Roger Williams Straus (1891-1957)
Roger Williams Straus (1891-1957) was involved in charitable endeavors like his parents, Oscar S. and Sarah Lavanburg Straus, and his in-laws, Daniel and Florence Guggenheim, who set such a good example. He was president of the Fred L. Lavanburg Foundation, which concerned itself with the building of model homes for the underprivileged. He was also a trustee on the John Simon Guggenheim Foundation which gave fellowships to artists and scholars abroad.
Roger Williams Straus was one of the founders in 1928 of the National Conference of Christians and Jews. This organization’s mission is to fight bigotry, racism and bias through conflict resolution, advocacy and education. The national conference was set up as an outgrowth of “a violent brand of bigotry” in the 1928 presidential campaign. Roger served along with co-chairs Newton D. Baker, a Protestant, and Professor Carleton J. H. Hayes, a Catholic. In 1929 he proclaimed: “It is now in your hands in the new, less dramatic, but equally difficult warfare, that of the spirit and intellect, to combat the corrosive, brutal theory of materialism, and thereby to serve again our religion, our country and humanity.”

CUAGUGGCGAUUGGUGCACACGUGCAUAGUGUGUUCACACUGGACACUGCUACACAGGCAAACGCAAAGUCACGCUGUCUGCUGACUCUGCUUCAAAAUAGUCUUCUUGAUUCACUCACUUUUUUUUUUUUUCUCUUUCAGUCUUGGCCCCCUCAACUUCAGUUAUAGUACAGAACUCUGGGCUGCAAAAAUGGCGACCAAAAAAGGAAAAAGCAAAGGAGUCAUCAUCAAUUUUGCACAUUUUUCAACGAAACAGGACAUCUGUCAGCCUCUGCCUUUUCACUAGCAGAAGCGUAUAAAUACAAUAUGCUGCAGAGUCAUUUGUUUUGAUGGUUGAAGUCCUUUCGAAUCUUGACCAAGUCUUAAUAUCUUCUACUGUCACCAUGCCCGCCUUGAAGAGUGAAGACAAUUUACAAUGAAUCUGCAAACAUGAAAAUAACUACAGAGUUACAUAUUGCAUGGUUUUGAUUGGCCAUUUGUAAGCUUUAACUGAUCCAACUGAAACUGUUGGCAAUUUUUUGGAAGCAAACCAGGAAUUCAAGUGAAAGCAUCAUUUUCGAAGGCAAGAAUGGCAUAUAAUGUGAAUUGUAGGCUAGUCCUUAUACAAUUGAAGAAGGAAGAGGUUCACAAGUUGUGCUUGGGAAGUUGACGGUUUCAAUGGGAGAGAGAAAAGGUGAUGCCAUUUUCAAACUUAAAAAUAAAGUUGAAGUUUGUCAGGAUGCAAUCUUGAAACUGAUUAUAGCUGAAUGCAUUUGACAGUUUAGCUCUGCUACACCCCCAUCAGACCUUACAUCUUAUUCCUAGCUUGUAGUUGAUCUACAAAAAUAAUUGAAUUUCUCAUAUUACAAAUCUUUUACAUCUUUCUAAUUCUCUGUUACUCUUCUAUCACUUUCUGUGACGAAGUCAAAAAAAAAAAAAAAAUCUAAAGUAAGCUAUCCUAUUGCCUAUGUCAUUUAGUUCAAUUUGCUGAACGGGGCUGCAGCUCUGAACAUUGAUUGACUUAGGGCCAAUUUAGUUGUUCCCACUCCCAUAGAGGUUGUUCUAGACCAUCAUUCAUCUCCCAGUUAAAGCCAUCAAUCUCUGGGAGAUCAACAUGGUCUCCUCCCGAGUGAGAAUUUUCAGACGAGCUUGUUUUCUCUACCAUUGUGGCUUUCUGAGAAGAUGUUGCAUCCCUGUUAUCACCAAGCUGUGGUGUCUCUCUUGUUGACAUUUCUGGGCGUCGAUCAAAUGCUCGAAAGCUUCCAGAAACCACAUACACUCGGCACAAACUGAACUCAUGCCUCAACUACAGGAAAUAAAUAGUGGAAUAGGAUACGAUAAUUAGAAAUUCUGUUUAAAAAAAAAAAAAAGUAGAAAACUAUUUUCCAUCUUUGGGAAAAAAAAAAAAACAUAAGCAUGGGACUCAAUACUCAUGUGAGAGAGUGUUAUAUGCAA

He was co-chair of many conferences held at the new Williamstown Institute of Human Relations. The program of the institute was under the auspices of director Dr. Everett R. Clinchy.
In 1939, Gladys Guggenheim Straus (1895-1980), Roger’s wife, representing New York City, attended this conference whose central theme was “Citizenship and Religion: A Consideration of American Policy with Regard to the Relations of Church and Synagogue to the State.” Roger spoke about the “need for strengthening the moral and spiritual values of the nation’s people as a means for saving democracy in a world fraught with antagonism and false standards.”
“Roger Williams Straus and Gladys Guggenheim Straus” Straus Historical Society Newsletter Vol. 12 No. 2 (New York: February 2011); pp. 1-6.
Source: The Straus Historical Society